"I think they're just interested in pushing this pipeline through as fast as they can. And they're really not listening to all the public opposition that there is," Williamson said. "But I think it's really important also that more people start to know about what's going on because I think normal people in Burnaby don't necessarily know that there's this dangerous pipeline being built right to their city. And it's going to destroy all of our collective future if it's completed.

"So I think it's really important that just more people become aware of it and then join this fight to stop it. So we become so loud, they can't not hear us." 

"Construction on the Trans Mountain Expansion Project is now underway in Burnaby. Currently, activities in the vicinity along our right-of-way include surveying, flagging, staking, preparing temporary workspace, removing trees and vegetation and installing signage.  We will work as quickly as practicable to complete our work with as minimal disruption as practicable to our neighbours," Trans Mountain said in an emailed statement to the NOW.

"Trans Mountain respects the right to peaceful, lawful expressions of opinions. There is a BC Supreme Court injunction in place that prevents the blocking or obstructing of access to Trans Mountain’s work sites and work areas throughout British Columbia."

Two men and three women involved in anti-Trans Mountain pipeline protests in Burnaby were jailed earlier this week after pleading guilty, while another goes to trial in June after a not-guilty plea.

All were charged with criminal contempt of court for allegedly breaching a court injunction aimed at preventing disruption of work at the federally owned Burnaby Trans Mountain Pipeline expansion project (TMX).

That injunction was granted in March 2018 and expanded two months later.

All are considered part of the so-called "Brunette River 6": a nondenominational, multi-faith prayer circle. The group is made up of Burnaby and Vancouver residents, who came together to oppose tree cutting by TMX, as well as stream and urban salmon river degradation they believe is being caused by the company.

As she sentenced Dr. William Winder, 69, and Zain Haq, 21, on Feb. 15, B.C. Supreme Court Justice Shelley Fitzpatrick put other would-be injunction breakers on notice that sentences will increase.

“This court is becoming increasingly frustrated with this ongoing disobedience,” she said.

Like many others charged, neither Winder or Haq had a previous criminal record.

Tree-sitter pleads guilty

Crown Prosecutor Ellen Leno told Fitzpatrick that Winder, a retired UBC French professor, was arrested on Sept. 22 after he was removed from a tree at a Trans Mountain worksite in Burnaby.

Leno said tree removal for pipeline work was stopped on Sept. 13 when workers realized there were people in the trees. 

Winder was 50 to 60 feet up a tree, the court heard. An injunction recording was played to him and he was given the opportunity to leave.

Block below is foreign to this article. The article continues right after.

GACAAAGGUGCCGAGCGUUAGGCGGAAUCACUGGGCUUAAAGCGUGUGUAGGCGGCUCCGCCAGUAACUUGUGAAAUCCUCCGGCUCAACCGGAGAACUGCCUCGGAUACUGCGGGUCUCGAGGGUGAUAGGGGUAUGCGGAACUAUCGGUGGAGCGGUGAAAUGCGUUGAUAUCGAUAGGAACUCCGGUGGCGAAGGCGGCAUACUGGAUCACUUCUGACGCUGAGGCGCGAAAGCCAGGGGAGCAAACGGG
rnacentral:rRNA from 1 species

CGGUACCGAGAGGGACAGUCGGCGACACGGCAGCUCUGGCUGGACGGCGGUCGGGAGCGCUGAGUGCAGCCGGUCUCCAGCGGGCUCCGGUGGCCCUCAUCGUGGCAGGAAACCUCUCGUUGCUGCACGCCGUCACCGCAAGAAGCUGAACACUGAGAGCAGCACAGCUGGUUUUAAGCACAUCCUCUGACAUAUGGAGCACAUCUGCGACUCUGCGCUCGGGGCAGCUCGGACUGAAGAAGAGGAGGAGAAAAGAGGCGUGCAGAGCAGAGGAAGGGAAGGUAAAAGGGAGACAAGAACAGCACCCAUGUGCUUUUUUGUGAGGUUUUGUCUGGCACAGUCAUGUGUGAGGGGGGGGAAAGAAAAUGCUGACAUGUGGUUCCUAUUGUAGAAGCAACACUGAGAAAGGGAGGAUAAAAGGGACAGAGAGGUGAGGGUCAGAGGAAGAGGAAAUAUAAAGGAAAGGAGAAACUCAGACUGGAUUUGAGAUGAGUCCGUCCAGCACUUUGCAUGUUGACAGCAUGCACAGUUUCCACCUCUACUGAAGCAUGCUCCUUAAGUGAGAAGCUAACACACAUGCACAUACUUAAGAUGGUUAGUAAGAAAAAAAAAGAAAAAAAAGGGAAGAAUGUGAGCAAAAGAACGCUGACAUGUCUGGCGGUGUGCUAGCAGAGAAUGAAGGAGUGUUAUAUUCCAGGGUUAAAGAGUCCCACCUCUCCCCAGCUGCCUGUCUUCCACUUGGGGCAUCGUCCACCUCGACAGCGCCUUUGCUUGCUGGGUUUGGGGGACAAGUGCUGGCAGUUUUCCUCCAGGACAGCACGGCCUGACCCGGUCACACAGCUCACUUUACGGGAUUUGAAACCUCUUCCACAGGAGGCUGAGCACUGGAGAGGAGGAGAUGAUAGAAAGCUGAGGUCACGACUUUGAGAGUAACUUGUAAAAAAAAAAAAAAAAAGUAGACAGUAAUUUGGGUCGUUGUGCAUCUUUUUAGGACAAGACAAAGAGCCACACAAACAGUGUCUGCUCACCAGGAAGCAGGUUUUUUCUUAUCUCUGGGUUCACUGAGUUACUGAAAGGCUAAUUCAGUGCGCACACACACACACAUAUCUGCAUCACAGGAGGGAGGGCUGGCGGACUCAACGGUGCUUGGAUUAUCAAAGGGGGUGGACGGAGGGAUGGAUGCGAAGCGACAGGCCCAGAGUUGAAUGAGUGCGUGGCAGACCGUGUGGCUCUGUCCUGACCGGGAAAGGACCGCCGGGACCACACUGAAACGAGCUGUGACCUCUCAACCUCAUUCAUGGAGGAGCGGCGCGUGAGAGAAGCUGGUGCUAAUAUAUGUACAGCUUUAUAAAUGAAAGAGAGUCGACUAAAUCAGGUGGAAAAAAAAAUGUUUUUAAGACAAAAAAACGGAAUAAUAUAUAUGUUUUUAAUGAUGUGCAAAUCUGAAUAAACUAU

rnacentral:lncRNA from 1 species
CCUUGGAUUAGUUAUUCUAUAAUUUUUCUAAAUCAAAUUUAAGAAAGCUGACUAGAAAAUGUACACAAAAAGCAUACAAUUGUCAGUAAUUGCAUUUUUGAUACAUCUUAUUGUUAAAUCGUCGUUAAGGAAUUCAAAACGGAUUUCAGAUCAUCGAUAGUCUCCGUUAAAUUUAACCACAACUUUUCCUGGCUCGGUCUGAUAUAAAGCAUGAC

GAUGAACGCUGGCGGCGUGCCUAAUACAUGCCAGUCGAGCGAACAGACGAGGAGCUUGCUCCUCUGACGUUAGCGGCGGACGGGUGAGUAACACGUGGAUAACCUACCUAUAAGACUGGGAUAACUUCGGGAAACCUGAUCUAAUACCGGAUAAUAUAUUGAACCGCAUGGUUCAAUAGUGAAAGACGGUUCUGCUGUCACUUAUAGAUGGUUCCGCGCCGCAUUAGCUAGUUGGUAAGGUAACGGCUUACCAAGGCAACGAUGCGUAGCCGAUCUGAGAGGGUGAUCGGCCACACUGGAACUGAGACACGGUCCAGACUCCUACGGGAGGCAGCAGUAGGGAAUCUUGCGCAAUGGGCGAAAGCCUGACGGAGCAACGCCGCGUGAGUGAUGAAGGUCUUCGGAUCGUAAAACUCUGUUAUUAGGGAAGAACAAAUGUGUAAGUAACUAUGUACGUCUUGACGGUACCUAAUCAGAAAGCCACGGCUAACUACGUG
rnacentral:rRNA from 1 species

When Winder did not leave, police arrived with a cherry picker and ascended to remove him. They found him with a bicycle u-lock around his neck and other devices, fastening to the tree.

“This is a sophisticated and planned event,” Leno said of Winder’s tree sitting. “It was designed to allow a long interference. It’s not easy to do.”

She said prolonging an offence aggravates a breach.

The Crown asked for 21 days in jail for Winder but he countered with 14 days and 100 hours of community service. Fitzpatrick agreed with the Crown.

The judge said there has been proper notice by the Crown of increasing sentences for protest situations with aggravating circumstances.

“You’re the first,” she told Winder.

Winder said he was motivated to act as “western values have had the unintended consequence of bringing us to the edge of climate collapse.”

He told Fitzpatrick the injunction and applicable law predates the examples of the climate crisis the world finds itself in, that the 2021 fires and flooding are examples of the effects of climate change in B.C.

“It is a catastrophe waiting to happen,” Winder said.

“The crime of ecocide has made its way into the public’s general understanding,” he added.

While the courts have heard much about the upholding of the rule of law in the Trans Mountain protester breach cases, Winder said climate change could mean the annihilation of the human species and the breakdown of the rule of law.

In response to Winder’s saying he respected the rule of law, Fitzpatrick said, “that is highly questionable in these circumstances . . . sophistry for saying he’s defending his rule of law.”

Sleeping dragon protest lock

Leno said Haq was arrested on Sept. 24 after he was found sitting at the same worksite. Another protester was nearby.

Leno said the Extinction Rebellion protest group’s national action and strategy coordinator was found with a device known as a sleeping dragon. Protesters use the hard-to-remove devices to lock themselves into place.

“He was not locked into it,” Leno said.

The injunction was read and both were given a chance to leave. Haq chose to remain and was arrested.

Haq said he would his dedicate his time in jail to those who died from extreme weather events in B.C. last year. The Crown asked for two weeks behind bars; the judge agreed but said she would have given a stiffer sentence if requested.

SFU professor pleads not guilty

It was Dr. Tim Takaro, a Simon Fraser University professor of health sciences, who pleaded not guilty. He goes to trial June 13-16.

It’s alleged he breached the injunction after he spent months in a different set of Burnaby trees along the Brunette River to protest the cutting of more than 1,300 trees to clear a path for the pipeline.

Takaro was arrested Nov. 26 after police brought in a cherry picker to remove him.

The other members of the Brunette River 6 are Catherine Hembling, 79, Janette McIntosh, 58, and Ruth Walmsley, 61. They pleaded guilty to the charges Feb. 14. Fitzpatrick sentenced them to 14 days in jail each.

- with files from Jeremy Hainsworth, Glacier Media